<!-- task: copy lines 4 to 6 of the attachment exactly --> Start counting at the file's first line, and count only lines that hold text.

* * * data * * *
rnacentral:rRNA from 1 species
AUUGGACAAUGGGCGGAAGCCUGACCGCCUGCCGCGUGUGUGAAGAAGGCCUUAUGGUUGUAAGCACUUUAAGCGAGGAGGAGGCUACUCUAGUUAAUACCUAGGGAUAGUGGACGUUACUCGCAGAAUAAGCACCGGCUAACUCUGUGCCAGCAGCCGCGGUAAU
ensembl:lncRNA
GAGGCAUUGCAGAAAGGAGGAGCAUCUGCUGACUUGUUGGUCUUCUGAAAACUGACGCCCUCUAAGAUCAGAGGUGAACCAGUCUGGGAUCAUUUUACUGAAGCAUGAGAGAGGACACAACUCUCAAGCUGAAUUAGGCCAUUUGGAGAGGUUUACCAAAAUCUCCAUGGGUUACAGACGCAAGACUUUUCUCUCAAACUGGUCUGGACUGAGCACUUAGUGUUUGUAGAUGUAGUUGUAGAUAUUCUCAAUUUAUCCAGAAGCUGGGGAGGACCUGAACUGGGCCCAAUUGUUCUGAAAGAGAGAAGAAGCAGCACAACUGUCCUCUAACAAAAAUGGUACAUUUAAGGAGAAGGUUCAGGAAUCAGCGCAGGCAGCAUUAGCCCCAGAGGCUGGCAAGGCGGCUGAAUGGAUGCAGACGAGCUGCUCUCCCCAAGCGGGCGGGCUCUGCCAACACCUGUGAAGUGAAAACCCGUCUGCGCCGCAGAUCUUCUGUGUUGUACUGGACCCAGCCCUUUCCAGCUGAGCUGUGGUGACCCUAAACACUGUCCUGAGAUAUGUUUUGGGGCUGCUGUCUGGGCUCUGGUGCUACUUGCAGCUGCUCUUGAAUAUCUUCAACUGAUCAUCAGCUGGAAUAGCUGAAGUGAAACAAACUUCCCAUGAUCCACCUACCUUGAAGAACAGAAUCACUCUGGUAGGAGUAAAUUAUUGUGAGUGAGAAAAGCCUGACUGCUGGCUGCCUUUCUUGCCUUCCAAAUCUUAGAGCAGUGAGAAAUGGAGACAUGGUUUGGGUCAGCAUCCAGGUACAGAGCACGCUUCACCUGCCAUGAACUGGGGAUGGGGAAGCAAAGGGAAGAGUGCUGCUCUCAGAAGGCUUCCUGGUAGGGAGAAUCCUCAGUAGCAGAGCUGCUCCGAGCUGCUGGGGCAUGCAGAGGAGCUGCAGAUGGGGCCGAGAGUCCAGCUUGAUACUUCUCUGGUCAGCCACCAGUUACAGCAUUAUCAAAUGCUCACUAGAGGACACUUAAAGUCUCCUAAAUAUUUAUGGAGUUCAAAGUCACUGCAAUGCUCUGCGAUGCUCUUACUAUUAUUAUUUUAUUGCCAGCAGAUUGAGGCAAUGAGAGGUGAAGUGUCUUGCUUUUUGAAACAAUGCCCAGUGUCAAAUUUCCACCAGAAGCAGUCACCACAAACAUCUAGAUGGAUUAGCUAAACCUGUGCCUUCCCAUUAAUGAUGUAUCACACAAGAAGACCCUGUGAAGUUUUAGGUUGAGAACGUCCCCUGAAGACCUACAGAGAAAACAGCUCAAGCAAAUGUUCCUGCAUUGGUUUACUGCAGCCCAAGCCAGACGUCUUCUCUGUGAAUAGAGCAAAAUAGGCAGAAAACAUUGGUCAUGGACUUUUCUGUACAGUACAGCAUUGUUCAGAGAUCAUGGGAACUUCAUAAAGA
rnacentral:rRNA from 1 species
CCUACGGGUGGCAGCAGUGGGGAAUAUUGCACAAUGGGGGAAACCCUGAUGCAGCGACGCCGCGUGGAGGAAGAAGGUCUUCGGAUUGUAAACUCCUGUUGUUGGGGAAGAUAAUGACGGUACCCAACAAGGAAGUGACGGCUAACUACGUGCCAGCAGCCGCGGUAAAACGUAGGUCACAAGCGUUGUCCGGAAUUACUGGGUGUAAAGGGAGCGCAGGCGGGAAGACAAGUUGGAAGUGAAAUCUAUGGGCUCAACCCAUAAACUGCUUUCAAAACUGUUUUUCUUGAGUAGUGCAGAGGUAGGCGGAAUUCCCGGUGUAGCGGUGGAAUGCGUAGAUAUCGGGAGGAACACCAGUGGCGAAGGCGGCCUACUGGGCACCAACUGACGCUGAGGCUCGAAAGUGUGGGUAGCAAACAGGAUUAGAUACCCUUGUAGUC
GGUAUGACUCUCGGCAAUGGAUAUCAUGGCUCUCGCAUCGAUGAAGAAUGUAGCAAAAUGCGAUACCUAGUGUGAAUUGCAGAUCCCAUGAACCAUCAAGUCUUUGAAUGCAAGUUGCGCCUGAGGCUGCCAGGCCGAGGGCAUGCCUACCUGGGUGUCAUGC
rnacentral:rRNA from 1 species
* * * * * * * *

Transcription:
GAGGCAUUGCAGAAAGGAGGAGCAUCUGCUGACUUGUUGGUCUUCUGAAAACUGACGCCCUCUAAGAUCAGAGGUGAACCAGUCUGGGAUCAUUUUACUGAAGCAUGAGAGAGGACACAACUCUCAAGCUGAAUUAGGCCAUUUGGAGAGGUUUACCAAAAUCUCCAUGGGUUACAGACGCAAGACUUUUCUCUCAAACUGGUCUGGACUGAGCACUUAGUGUUUGUAGAUGUAGUUGUAGAUAUUCUCAAUUUAUCCAGAAGCUGGGGAGGACCUGAACUGGGCCCAAUUGUUCUGAAAGAGAGAAGAAGCAGCACAACUGUCCUCUAACAAAAAUGGUACAUUUAAGGAGAAGGUUCAGGAAUCAGCGCAGGCAGCAUUAGCCCCAGAGGCUGGCAAGGCGGCUGAAUGGAUGCAGACGAGCUGCUCUCCCCAAGCGGGCGGGCUCUGCCAACACCUGUGAAGUGAAAACCCGUCUGCGCCGCAGAUCUUCUGUGUUGUACUGGACCCAGCCCUUUCCAGCUGAGCUGUGGUGACCCUAAACACUGUCCUGAGAUAUGUUUUGGGGCUGCUGUCUGGGCUCUGGUGCUACUUGCAGCUGCUCUUGAAUAUCUUCAACUGAUCAUCAGCUGGAAUAGCUGAAGUGAAACAAACUUCCCAUGAUCCACCUACCUUGAAGAACAGAAUCACUCUGGUAGGAGUAAAUUAUUGUGAGUGAGAAAAGCCUGACUGCUGGCUGCCUUUCUUGCCUUCCAAAUCUUAGAGCAGUGAGAAAUGGAGACAUGGUUUGGGUCAGCAUCCAGGUACAGAGCACGCUUCACCUGCCAUGAACUGGGGAUGGGGAAGCAAAGGGAAGAGUGCUGCUCUCAGAAGGCUUCCUGGUAGGGAGAAUCCUCAGUAGCAGAGCUGCUCCGAGCUGCUGGGGCAUGCAGAGGAGCUGCAGAUGGGGCCGAGAGUCCAGCUUGAUACUUCUCUGGUCAGCCACCAGUUACAGCAUUAUCAAAUGCUCACUAGAGGACACUUAAAGUCUCCUAAAUAUUUAUGGAGUUCAAAGUCACUGCAAUGCUCUGCGAUGCUCUUACUAUUAUUAUUUUAUUGCCAGCAGAUUGAGGCAAUGAGAGGUGAAGUGUCUUGCUUUUUGAAACAAUGCCCAGUGUCAAAUUUCCACCAGAAGCAGUCACCACAAACAUCUAGAUGGAUUAGCUAAACCUGUGCCUUCCCAUUAAUGAUGUAUCACACAAGAAGACCCUGUGAAGUUUUAGGUUGAGAACGUCCCCUGAAGACCUACAGAGAAAACAGCUCAAGCAAAUGUUCCUGCAUUGGUUUACUGCAGCCCAAGCCAGACGUCUUCUCUGUGAAUAGAGCAAAAUAGGCAGAAAACAUUGGUCAUGGACUUUUCUGUACAGUACAGCAUUGUUCAGAGAUCAUGGGAACUUCAUAAAGA
rnacentral:rRNA from 1 species
CCUACGGGUGGCAGCAGUGGGGAAUAUUGCACAAUGGGGGAAACCCUGAUGCAGCGACGCCGCGUGGAGGAAGAAGGUCUUCGGAUUGUAAACUCCUGUUGUUGGGGAAGAUAAUGACGGUACCCAACAAGGAAGUGACGGCUAACUACGUGCCAGCAGCCGCGGUAAAACGUAGGUCACAAGCGUUGUCCGGAAUUACUGGGUGUAAAGGGAGCGCAGGCGGGAAGACAAGUUGGAAGUGAAAUCUAUGGGCUCAACCCAUAAACUGCUUUCAAAACUGUUUUUCUUGAGUAGUGCAGAGGUAGGCGGAAUUCCCGGUGUAGCGGUGGAAUGCGUAGAUAUCGGGAGGAACACCAGUGGCGAAGGCGGCCUACUGGGCACCAACUGACGCUGAGGCUCGAAAGUGUGGGUAGCAAACAGGAUUAGAUACCCUUGUAGUC